How to Deal with Slow Days in the Gym

Afternoons at IFAST are often raucous. You might see upwards of fifteen clients per hour, with five or six high school athletes being coached by Ty, three or four adult clients being coached by Tony, and a handful of other clients who are working out on their own. The music is loud, the athletes are loud, the clanking plates are loud, and the atmosphere is booming. It’s difficult to step into IFAST in the afternoon and not feel motivated to train hard.

Mornings are often quieter. Mondays and Wednesdays tend to be busy, Tuesdays and Thursdays tend to be less busy, and Fridays are all over the place. As a semi-private coach, my max is four clients per hour. But during a quiet hour, I might be coaching one client at a time, with one or two interns in tow.

If you are in the beginning stages of your career, or in owning your business, you will probably spend a lot of time dealing with quiet days. Quiet days can mean less movement, less noise, and the appearance of an unsuccessful business. A quiet gym can be less exciting or motivating for some clients.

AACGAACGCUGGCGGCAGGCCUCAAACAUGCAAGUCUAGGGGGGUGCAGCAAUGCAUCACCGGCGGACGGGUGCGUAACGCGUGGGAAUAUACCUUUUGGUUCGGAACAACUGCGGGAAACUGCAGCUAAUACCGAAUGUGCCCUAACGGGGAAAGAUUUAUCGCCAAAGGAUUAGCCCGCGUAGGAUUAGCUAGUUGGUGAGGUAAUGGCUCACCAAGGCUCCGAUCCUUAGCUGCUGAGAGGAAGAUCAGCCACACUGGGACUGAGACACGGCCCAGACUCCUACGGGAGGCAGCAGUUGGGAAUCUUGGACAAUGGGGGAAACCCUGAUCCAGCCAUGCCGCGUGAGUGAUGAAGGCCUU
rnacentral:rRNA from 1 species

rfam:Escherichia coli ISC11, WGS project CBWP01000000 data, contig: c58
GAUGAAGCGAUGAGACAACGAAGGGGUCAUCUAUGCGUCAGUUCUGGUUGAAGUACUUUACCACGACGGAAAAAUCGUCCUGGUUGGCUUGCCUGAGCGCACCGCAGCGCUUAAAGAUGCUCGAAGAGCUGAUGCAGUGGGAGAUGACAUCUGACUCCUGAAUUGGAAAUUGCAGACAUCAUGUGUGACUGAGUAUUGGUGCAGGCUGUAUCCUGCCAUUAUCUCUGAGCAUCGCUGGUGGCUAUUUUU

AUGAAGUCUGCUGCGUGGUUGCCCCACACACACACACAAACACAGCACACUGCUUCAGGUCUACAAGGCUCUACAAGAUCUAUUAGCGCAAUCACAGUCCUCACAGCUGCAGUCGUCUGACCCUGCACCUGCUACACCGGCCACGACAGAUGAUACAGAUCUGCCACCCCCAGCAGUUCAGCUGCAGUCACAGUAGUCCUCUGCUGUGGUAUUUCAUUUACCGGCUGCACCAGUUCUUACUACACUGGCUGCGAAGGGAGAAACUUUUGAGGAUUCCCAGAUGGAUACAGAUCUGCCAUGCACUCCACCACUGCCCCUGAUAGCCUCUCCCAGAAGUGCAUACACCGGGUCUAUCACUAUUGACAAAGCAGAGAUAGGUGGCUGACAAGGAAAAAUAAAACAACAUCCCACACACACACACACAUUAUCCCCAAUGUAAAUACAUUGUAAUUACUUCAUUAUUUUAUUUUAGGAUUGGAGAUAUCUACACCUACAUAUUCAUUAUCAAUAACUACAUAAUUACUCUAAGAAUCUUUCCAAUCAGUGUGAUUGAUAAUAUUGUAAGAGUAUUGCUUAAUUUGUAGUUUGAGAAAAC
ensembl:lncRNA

So how do you deal with quiet days in the gym? Here are a few things I’ve tried that have helped me out:

  • How to manufacture energy without feeling like you’re faking it
  • The “3 and move” game I teach interns to become more engaged
  • How to turn a slow day into a flow experience for you and your clients

Let’s go through each in more detail.

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Published by Jae Chung

I have a background in teaching the violin, T'ai Chi Ch'uan, English, writing, movement, and habit change. My main athletic accomplishments are spraining both ankles frequently and typing very fast.

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